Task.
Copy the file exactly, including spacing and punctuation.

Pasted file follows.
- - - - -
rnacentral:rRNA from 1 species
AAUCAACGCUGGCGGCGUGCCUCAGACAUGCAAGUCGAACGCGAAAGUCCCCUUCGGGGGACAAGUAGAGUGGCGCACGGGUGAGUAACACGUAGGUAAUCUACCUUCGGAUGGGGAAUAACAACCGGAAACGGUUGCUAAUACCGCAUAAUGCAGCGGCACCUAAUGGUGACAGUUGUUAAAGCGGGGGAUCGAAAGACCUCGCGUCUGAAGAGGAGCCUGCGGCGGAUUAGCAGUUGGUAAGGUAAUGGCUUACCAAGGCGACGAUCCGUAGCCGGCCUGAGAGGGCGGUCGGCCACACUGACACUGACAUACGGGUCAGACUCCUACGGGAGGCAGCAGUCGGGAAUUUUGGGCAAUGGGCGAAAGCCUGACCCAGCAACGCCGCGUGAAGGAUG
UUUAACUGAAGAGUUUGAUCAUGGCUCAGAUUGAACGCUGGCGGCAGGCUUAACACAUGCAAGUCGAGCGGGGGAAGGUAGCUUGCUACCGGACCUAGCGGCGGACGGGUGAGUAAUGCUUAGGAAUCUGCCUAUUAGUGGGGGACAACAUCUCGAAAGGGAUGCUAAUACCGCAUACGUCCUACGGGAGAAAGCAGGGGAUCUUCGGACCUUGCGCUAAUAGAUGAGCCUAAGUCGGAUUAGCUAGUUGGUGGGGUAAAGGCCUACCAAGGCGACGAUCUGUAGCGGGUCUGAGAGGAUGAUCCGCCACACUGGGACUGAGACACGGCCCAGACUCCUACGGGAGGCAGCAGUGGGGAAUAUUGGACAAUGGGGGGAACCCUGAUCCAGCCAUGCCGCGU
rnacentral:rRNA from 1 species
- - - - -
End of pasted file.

rnacentral:rRNA from 1 species
AAUCAACGCUGGCGGCGUGCCUCAGACAUGCAAGUCGAACGCGAAAGUCCCCUUCGGGGGACAAGUAGAGUGGCGCACGGGUGAGUAACACGUAGGUAAUCUACCUUCGGAUGGGGAAUAACAACCGGAAACGGUUGCUAAUACCGCAUAAUGCAGCGGCACCUAAUGGUGACAGUUGUUAAAGCGGGGGAUCGAAAGACCUCGCGUCUGAAGAGGAGCCUGCGGCGGAUUAGCAGUUGGUAAGGUAAUGGCUUACCAAGGCGACGAUCCGUAGCCGGCCUGAGAGGGCGGUCGGCCACACUGACACUGACAUACGGGUCAGACUCCUACGGGAGGCAGCAGUCGGGAAUUUUGGGCAAUGGGCGAAAGCCUGACCCAGCAACGCCGCGUGAAGGAUG
UUUAACUGAAGAGUUUGAUCAUGGCUCAGAUUGAACGCUGGCGGCAGGCUUAACACAUGCAAGUCGAGCGGGGGAAGGUAGCUUGCUACCGGACCUAGCGGCGGACGGGUGAGUAAUGCUUAGGAAUCUGCCUAUUAGUGGGGGACAACAUCUCGAAAGGGAUGCUAAUACCGCAUACGUCCUACGGGAGAAAGCAGGGGAUCUUCGGACCUUGCGCUAAUAGAUGAGCCUAAGUCGGAUUAGCUAGUUGGUGGGGUAAAGGCCUACCAAGGCGACGAUCUGUAGCGGGUCUGAGAGGAUGAUCCGCCACACUGGGACUGAGACACGGCCCAGACUCCUACGGGAGGCAGCAGUGGGGAAUAUUGGACAAUGGGGGGAACCCUGAUCCAGCCAUGCCGCGU
rnacentral:rRNA from 1 species